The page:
That brings me back to the big question. What is this story about? I want to highlight two passages that I believe capture the essence of this story.

"Auri and the Moon" by Nate Taylor. One of the illustrations from the story.

"Auri and the Moon" by Nate Taylor. One of the illustrations from the story.

The first of these passages occurs during the soap-making scene. She sees the pomace from which she is making her soap, and the sight of it triggers (what I believe to be) repressed memories that bring her emotions crashing down around her:

“She felt the panic rising in her then. She knew. She knew how quickly things could break. You did the things you could. You tended to the world for the world's sake. You hoped you would be safe. But still she knew. It could come crashing down and there was nothing you could do. And yes, she knew she wasn't right. She knew her everything was canted wrong. She knew her head was all unkilter. She knew she wasn't true inside. She knew” (115).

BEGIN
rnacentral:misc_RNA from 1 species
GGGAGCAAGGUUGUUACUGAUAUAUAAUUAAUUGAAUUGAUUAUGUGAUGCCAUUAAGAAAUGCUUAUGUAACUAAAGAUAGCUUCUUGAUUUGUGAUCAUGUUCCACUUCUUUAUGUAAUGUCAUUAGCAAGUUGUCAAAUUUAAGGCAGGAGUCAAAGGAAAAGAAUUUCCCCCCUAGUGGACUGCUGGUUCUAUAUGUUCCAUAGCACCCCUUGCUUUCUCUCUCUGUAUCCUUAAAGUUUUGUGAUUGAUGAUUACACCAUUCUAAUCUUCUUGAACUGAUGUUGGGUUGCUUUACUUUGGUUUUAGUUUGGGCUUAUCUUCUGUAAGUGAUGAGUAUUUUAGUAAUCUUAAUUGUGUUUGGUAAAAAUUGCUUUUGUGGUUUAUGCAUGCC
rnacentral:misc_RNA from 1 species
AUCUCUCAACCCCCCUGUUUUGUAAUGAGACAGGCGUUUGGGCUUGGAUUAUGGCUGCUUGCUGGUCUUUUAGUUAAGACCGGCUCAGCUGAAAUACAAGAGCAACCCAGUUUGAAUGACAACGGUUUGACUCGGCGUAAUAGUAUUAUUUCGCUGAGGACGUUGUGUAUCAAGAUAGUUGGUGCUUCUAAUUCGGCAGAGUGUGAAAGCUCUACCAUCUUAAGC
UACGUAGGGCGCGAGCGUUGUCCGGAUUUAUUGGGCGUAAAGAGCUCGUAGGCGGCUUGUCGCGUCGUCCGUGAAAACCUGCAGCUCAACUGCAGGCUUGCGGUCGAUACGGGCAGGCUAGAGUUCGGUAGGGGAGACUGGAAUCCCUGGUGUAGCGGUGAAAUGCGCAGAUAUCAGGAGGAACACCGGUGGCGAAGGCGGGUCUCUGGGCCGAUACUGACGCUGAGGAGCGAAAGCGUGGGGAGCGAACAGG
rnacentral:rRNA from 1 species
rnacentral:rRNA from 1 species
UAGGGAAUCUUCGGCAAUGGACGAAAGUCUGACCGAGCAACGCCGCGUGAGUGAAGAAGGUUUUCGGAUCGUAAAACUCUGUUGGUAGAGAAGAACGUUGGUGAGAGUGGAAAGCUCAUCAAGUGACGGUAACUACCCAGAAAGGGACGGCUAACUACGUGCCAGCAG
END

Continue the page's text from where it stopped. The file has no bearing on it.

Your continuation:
Up to this point in the story, we know that Auri is not quite mentally stable. She displays obsessive compulsive tendencies with her possessions, constantly rearranging and organizing them. It's unclear whether this unbalance is a result of her magical abilities or a result of some traumatic event from her past. But this is the first time that we are sure that Auri is aware that she isn’t “right.”

The second passage that I want to highlight comes shortly after the soap is finished. She has calmed herself by holding on to Fulcrum, the metal gear that she finds at the beginning of the story. A short time later, she trips and drops Fulcrum, and it breaks into three pieces. I was worried what this would do to her fragile mental state. But I didn’t expect this reaction: